A new aquatic centre has officially opened at the University of British Columbia.
Designed by MacLennan Jaunkalns Miller Architects (MJMA) and Acton Ostry Architects—Architects in Association, the new Aquatic Centre replaces the indoor and outdoor pools at the centre of the UBC campus. It features a 10-lane, 50m competition pool; 8-lane, 25m pool with an accessible ramp and diving boards; a lazy river; hot tub; food and beverage kiosks, a sauna and steam room; and more.
In 2012, UBC sent more swimmers to the London Summer Olympic Games than anywhere in Canada, and became the most successful swim team in the country. Meanwhile, the explosive market-driven expansion of the Endowment Lands and burgeoning campus community created the fastest growing youth and family population in the Lower Mainland. The new Aquatic Centre is required to meet the needs of both these groups; a high performance training / competition venue, and a community aquatic centre within a single facility – while engaging the public realm and contributing to campus life and the student experience.
The design approach divides the plan north-south into four program bars: lobby and changerooms; community aquatics; competition aquatics; and bleachers. Daylight is used as the organizing device and separator for the community and competition aquatic halls. A ‘Y’ shaped bank of columns supports a continuous 6m wide skylight bisecting the length of the building and splitting the two halls. A translucent screen creates a luminescent virtual barrier between the two spaces, offering controllability of the space to effectively operate divergent aquatic functions simultaneously.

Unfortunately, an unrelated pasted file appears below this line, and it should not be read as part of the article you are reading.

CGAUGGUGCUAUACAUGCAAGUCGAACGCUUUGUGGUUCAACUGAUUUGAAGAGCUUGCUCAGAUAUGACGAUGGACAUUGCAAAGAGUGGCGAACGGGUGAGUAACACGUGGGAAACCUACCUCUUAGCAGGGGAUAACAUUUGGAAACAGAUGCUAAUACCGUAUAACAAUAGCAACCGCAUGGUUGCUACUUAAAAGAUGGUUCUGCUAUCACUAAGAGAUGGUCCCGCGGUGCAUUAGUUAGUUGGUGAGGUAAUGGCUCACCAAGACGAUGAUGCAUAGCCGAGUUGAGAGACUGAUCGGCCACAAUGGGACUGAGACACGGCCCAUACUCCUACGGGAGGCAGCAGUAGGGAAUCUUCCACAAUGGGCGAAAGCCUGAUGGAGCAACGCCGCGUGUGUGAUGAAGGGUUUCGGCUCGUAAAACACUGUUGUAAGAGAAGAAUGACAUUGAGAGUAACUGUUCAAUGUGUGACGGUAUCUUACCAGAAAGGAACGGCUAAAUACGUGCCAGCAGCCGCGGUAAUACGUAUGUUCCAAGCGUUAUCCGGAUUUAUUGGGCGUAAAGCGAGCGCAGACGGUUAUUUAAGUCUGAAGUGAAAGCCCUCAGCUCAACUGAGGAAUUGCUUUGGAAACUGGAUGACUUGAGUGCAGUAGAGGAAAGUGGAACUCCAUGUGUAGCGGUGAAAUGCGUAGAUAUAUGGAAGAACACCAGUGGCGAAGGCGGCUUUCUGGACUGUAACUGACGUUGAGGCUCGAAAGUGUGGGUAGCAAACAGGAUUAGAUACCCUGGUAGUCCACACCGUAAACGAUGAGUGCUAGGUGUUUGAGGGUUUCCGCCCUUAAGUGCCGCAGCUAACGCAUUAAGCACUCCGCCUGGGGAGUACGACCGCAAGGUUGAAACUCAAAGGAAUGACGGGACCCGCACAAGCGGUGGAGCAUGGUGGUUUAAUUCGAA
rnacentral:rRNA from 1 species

The siting of the new aquatic centre responds to the expanse of the transit plaza, the volume of student traffic, and key pedestrian circulation and vehicular arrival on site. It works with the scale of its neighbouring buildings to create defined public realm spaces on three sides: the south facade frames the space of the new transit plaza, providing shelter, views, and terraced southern seating for commuters; the west facade, canopy, and glazed corridor parallels a lush garden promenade of mature trees along ‘Athletes Way’; and the north facade creates a public viewing passageway and optional programmable exterior activity space.